Emissions verification specialist Verifavia insists that accurate calculation of IMO’s new Energy Efficiency Existing Ship Index (EEXI) relies on inputting the correct data. Following a series of webinars designed to demystify EEXI, the company highlighted a common theme: the industry is unclear about the technical parameters required to meet compliance.
As agreed at MEPC 76, the EEXI must be calculated for ships of 400gt and above, in accordance with the different values set for ship types and size categories. The first stage requires shipping companies to collect and submit technical documents required for preparation of the EEXI technical file. To initiate the process, documents such as the capacity plan, sea and shop trial report (for main and auxiliary engines), NOx technical file, certificate of registry, IAPP supplement certificate, EEDI technical file and IECC must be examined. If suitable data cannot be obtained from these documents, various techniques may be used to bridge the gap such as statistical (conservative) estimates, Computational Fluid Dynamics (CFD) simulations or, if necessary, sea trials.
By inputting correct and accurate data into a formula, the attained EEXI is calculated and compared with the required EEXI. Any ship that does not comply must make the necessary modifications to improve energy efficiency or face market barriers. From January 2023, there will be a mandatory certification survey undertaken by the relevant class society, which will then provide an updated International Energy Efficiency Certificate (IEEC). Without this, the vessel will not be EEXI compliant and eventually can lose its licence to operate.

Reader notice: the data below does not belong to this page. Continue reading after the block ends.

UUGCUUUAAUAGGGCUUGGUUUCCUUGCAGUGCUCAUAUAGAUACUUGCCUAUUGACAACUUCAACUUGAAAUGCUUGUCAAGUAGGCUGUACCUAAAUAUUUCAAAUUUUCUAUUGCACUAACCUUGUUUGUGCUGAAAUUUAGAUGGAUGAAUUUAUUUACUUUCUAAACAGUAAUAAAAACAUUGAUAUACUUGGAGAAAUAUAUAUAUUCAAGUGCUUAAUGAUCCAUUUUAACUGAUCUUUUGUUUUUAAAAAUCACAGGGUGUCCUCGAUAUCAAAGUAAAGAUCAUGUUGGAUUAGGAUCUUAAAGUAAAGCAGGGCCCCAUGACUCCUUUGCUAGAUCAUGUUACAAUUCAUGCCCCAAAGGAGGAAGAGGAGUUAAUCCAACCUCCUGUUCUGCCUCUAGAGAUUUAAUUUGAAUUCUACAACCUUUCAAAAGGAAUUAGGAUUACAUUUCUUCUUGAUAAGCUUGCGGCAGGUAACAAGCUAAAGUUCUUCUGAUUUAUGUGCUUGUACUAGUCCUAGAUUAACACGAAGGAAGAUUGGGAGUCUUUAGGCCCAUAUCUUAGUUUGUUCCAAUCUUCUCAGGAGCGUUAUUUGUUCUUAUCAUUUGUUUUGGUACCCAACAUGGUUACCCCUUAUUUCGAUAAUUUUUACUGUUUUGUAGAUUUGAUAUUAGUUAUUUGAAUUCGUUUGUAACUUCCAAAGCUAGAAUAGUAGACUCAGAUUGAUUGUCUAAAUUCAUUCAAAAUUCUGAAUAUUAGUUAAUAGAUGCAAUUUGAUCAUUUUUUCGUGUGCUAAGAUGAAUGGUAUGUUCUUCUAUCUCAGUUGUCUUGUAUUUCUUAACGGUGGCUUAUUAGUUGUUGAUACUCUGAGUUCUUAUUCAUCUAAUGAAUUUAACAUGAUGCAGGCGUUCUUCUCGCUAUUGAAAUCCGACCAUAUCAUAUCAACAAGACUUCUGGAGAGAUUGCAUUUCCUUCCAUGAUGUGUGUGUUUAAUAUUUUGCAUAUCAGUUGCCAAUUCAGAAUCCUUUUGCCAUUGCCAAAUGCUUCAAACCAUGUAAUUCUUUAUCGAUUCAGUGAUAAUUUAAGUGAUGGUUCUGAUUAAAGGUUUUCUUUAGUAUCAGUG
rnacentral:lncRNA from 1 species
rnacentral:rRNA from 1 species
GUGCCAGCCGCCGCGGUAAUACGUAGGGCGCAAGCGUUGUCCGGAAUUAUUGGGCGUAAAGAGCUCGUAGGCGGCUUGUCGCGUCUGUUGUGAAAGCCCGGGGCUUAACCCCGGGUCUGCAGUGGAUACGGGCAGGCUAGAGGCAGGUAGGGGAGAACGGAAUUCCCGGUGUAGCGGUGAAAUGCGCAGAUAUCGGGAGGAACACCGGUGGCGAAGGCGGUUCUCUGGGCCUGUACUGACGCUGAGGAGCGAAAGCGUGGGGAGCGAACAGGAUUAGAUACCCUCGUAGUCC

With the long-term financial implications and negotiation process with charterers front of mind, some forward-thinking shipping companies are starting the process now. Understanding which vessels will comply and which will need an Engine Power Limitation plan or design changes at a later stage ensures that any modifications can be made at a time that suits the vessel’s schedule. However, making an accurate calculation and reliable recommendations for any necessary technical adjustments relies upon assessing the correct information at the outset.
Julien Dufour, CEO, Verifavia Shipping, commented, “At the first annual or special survey after January 2023, a ship’s efficiency will be compared against the EEXI benchmark set by the IMO. If the vessel makes the grade, the owner will receive an International Energy Efficiency Certificate. If it fails, there are two options: make modifications to improve efficiency or risk an operating ban. If the technical files submitted to class are incorrect, the vessel risks losing its licence to operate. It is essential to understand any gaps in meeting the requirements, plus the potential solutions needed to bridge any gap, sooner rather than later. Several ship owners, operators and managers are working with Verifavia to assess the scale of the challenge they are facing. They recognise that if vessels do not meet the requirements, an Engine Power Limitation plan can be created and actioned, or energy efficiency technology installed against a timeline that they can control.”